Observations of Screw Dislocation Driven Growth and Faceting During CVD Homoepitaxy on 4H-SiC On-Axis Mesa Arrays
- Twigg, Mark E.
- September 13, 2009.
- Physical Description:
- 1 electronic document
- Additional Creators:
- Picard, Yoosuf N., Neudeck, Philip G., Trunek, Andrew J., and Powell, J. Anthony
- Restrictions on Access:
- Unclassified, Unlimited, Publicly available. and Free-to-read Unrestricted online access
- Previous studies of (0001) homoepitaxial growth carried out on arrays of small-area mesas etched into on-axis silicon-face 4H-SiC wafers have demonstrated that spiral growth emanating from at least one screw dislocation threading the mesa is necessary in order for a mesa to grow taller in the <0001> (c-axis vertical) direction while maintaining 4H stacking sequence . However, even amongst mesas containing the screw dislocation step source necessary for vertical c-axis growth, we have observed striking differences in the height and faceting that evolve during prolonged homoepitaxial growths. This paper summarizes Atomic Force Microscopy (AFM), Electron Channeling Contrast Imaging (ECCI), Scanning Electron Microscopy (SEM), and optical microscopy observations of this phenomenon. These observations support our initially proposed model  that the observed large variation (for mesas where 3C-SiC nucleation has not occurred) is related to the lateral positioning of a screw dislocation step source within each etched mesa. When the screw dislocation step source is located close enough to the developing edge/sidewall facet of a mesa, the c-axis growth rate and facet angle are affected by the resulting interaction. In particular, the intersection (or near intersection) of the inward-sloping mesa sidewall facet with the screw dislocation appears to impede the rate at which the spiral provides new steps required for c-axis growth. Also, the inward slope of the sidewall facet during growth (relative to other sidewalls of the same mesa not near the screw dislocation) seems to be impeded by the screw dislocation. In contrast, mesas whose screw dislocations are centrally located grow vertically, but inward sloping sidewall facets shrink the area of the top (0001) growth surface almost to the point of vanishing.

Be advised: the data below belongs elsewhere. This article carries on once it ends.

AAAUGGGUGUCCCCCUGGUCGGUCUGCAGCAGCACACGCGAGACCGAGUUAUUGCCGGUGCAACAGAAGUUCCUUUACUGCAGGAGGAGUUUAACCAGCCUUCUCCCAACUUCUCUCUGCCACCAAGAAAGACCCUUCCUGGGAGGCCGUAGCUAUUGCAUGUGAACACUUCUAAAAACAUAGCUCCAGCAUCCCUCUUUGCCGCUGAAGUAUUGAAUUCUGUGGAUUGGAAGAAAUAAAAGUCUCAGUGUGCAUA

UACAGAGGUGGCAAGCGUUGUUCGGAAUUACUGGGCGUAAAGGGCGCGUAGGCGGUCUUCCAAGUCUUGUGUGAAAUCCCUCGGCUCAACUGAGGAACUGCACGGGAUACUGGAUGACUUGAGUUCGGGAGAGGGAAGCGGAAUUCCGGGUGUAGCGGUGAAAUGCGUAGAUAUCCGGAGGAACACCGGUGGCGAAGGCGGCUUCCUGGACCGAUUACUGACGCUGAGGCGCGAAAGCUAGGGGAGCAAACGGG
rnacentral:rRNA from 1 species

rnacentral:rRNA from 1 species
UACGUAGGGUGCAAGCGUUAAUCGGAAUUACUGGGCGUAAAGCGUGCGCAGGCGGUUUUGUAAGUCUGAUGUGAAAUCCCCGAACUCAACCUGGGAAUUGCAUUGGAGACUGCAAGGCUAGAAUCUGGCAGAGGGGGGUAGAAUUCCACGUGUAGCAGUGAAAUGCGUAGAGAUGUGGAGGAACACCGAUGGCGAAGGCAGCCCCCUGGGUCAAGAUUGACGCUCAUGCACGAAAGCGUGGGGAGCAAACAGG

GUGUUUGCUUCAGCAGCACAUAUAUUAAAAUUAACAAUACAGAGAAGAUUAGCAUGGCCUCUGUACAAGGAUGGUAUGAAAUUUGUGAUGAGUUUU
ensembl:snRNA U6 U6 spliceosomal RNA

- NASA Technical Reports Server (NTRS) Collection.
- Document ID: 20150022232., GRC-WO-667822., and International Conference on Defects: Recognition, Imaging and Physics in Semiconductors; 13-17 Sep. 2009; Wheeling, WV; United States.
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